SINGAPORE (August 20): I wrote about the growing empirical evidence of declining income mobility some weeks back. Few would dispute that this is happening, in both the developed and developing worlds. There may be more debate over the reasons behind this phenomenon but the unequal distribution of income growth and wealth inequality are, without doubt, the key factors.
Economic inequality has risen rapidly, especially in the past decade, perpetuated by digitalisation of economies and, perhaps unwittingly, by central bank policies in the aftermath of the global financial crisis.
Digitalisation and technology have been especially disruptive for small businesses while favouring larger and larger corporates. Last week, I talked about the inevitable monopolisation of the economy by technology giants. This concentration of bargaining power has kept worker wages stagnant even as top management and shareholders reap ever-higher salaries and profits.
Meanwhile, ultra-low interest rates have further punished small savers and pensioners while inflating asset (such as property, stocks) prices and enriching owners.
According to the 2017 Credit Suisse global wealth report, median wealth has either declined or stagnated almost everywhere in the world except in China throughout the course of this current economic recovery — even as total global wealth has climbed.
As a result, the richest 1% now account for 50% of total household wealth, up from 46% in 2000 and 43% in 2008, at the height of the global financial crisis. At the other end, 70% of the world’s working-age population (3.5 billion adults) account for a combined global wealth of just 2.7%.
There is no question that education is the best bridge we have, one that will lift us up in life. This is why parents work hard to give their children a better education, so that they will have the best chance forward.
But reality has turned out a little differently. Millennials are better educated than their parents, and yet they account for a disproportionately higher percentage of those with low household wealth.
Recall the conclusion from the Equality of Opportunity Project undertaken by academics in Stanford University, which shows declining absolute income mobility in the US for the past 50 years. Only half of the children born in 1984 grew up to earn more than their parents, down from 92% for those born in 1940.
Education alone does not equalise. Income mobility is also a function of opportunity, which can be constrained by gender, race, politics and geography. And in reality, social status and economic background have outsized influence on one’s ability to move up the income ladder too.
Left alone, the current trajectory for income growth distribution is unlikely to change. After all, wealth is self-perpetuating. The rich get richer because they have more to invest in yielding assets, which in turn generates more income and wealth.
Rising property prices and declining affordability are putting home ownership beyond the reach of the young. It is not surprising that they are the biggest losers in terms of wealth accumulation.
The traditional solution is relatively straightforward. The government steps in with policies (some are better than others) to promote equal opportunity for all and rebalance the inequality.
Protectionist policies such as that currently advocated by the US are widely viewed as a lose-lose proposition for all. Raising minimum wages will have an adverse impact on businesses and investments, and setting the bar too high may have the opposite effect of reducing employment.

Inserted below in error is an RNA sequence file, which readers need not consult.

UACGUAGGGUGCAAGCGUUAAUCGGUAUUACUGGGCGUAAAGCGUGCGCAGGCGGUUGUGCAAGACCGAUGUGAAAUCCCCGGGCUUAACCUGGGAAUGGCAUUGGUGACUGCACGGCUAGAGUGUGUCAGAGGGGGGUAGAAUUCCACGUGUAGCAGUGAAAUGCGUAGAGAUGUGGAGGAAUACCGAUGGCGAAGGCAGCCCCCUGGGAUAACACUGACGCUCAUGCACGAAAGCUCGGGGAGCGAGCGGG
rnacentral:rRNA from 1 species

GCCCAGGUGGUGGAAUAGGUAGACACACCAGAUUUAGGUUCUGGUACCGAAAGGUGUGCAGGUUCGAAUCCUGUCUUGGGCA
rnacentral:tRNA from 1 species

Most countries have some form of programmes for redistribution of economic gains, by raising tax revenue and funding social welfare plans, public healthcare and education.
Progressive income tax works to a certain extent but has proven insufficient because of loopholes created by exemptions, offshore havens and so on. And we learnt first-hand that consumption tax (Goods and Services Tax) hurts low-income earners more.
Is it time to introduce estate duties? It is an intuitive and appealing ideology: Inherited wealth is unearned and, therefore, the advantages — from social status and opportunity hoarding to access to better healthcare and quality higher education — that come with it, unfair.
Why should birth — and your parent’s postcode — determine one’s well-being?
Nevertheless, the issue of estate/inheritance tax is contentious, often complex with loopholes for those rich enough to hire fancy financial planners-lawyers. A number of countries — including Singapore and Hong Kong as well as Norway and Sweden — have repealed such taxes in recent years.
But given the rapid rise in income-wealth inequality and the associated social-political risks, perhaps this subject warrants further debate?
Closer at hand, technological progress has shouldered much of the blame for exacerbating inequality. But technological progress is irreversible and will unfold faster than most expect.
If technological progress is truly irreversible, can it instead be harnessed to promote greater income and wealth equality? Can it be the cure rather than the curse? I will explore this very topic in the weeks ahead.
Stocks in the Global Portfolio fell 3.6% in the past one week. Most of the stocks in the portfolio ended lower, except for Amazon.com and Sunpower Group. Nine Dragons Paper, DIP Corp and Alibaba Group Holding were among the worst hit by deteriorating sentiment for global stocks.
Total portfolio returns since inception were pared to 1.2%. The portfolio is now underperforming the MSCI World Return index, which is up 1.9% over the same period.
Tong Kooi Ong is chairman of The Edge Media Group, which owns The Edge Singapore
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